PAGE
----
I started collaborating on animations three years ago when I created the animated logo for my website. After that first experience, a new world opened up to me.
As I’m not an animator, I worked with a variety of animators until I met Jose Lorenzo , who I consistently work with now.
Today, I’m sharing with you the process we follow to create our animations.
1. The animation conceptual process
The conceptual process of animations is very similar to the process I follow to create illustrations.
I focus on one or two concepts, and then modify elements using figures of speech to try to find something interesting.
I’m usually the one who works on the concept and ideas behind each animation, and Jose is the one who makes them possible. I think that’s the key behind our teamwork–we complement each other so well. When I think I have something that might work, I start sketching.
2. The animated sketch
I start sketching the static version of the animation.
It allows me to capture the essence of the image, keeping only the essential elements and using the minimum number of colors I can without compromising the visual aspect.
When I have this first static image, I start creating variations to craft a very basic gif sketch that shows the potential of the animation.
These sketches help us to understand the animation and they are the sketches I send to clients for approval.
3. Previous preparation
If the animation is very complex, Jose creates some movement studies to show me the different positions. Sometimes he also creates 3D studies of the space if necessary.
4. Animation assets
When we started working together, I was still creating my illustrations using Photoshop.
I realized very quickly that this way of creating images wasn’t optimized for animation. My images weren’t vector files, and I had to convert them to vector shapes and then spend a lot of time tweaking them.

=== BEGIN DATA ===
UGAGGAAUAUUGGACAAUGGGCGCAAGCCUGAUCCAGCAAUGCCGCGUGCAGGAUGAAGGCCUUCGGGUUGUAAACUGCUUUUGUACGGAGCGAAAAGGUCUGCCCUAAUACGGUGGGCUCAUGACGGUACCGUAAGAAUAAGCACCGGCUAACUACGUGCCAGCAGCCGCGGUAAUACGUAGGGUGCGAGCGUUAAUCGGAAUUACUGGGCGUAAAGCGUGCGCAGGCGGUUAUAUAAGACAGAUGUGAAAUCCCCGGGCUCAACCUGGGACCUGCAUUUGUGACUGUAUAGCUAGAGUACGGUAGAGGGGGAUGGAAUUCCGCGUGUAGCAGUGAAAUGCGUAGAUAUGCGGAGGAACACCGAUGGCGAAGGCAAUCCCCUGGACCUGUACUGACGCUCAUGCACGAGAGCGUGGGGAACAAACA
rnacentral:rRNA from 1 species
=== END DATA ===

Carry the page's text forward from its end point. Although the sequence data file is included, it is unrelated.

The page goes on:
Since I switched to Illustrator, the animation process has become easier for both of us.
The process is quite simple. Jose and I establish the different images/positions we need for the animation, and I create them.
One important detail is that I create all images using the first image as a model, preserving the same vector structure. It helps a lot in the animation process.
5. Creating the basic animation
This is when Jose does the magic. He transforms all the ideas, plans and assets into the first version of a smooth animation.
It isn’t the final version; we still work a lot to refine it.
He creates the animations in After Effects using the assets I provide. You can read more about the techniques and processes that Jose follows to create our animations.
6. Refining and tweaking the animation
I use trial and error and comparing versions to polish my illustrations. This is how I allow my intuition to finish my images.
We use the same system for creating the animations.
The final tweaks and refinements include correcting positions, speed, adding bouncing and eases, tweaking the colors, and other small improvements.
Animation added time and movement to my static ideas.
That meant a lot of new possibilities and many new available resources. But it also meant I had to change the way I worked.
With every new animation, we improve our workflows and system and become more efficient.
If you have any questions, let me know in the comments !
PS: My online course Strategy & Business for Illustrators is now available for pre-order!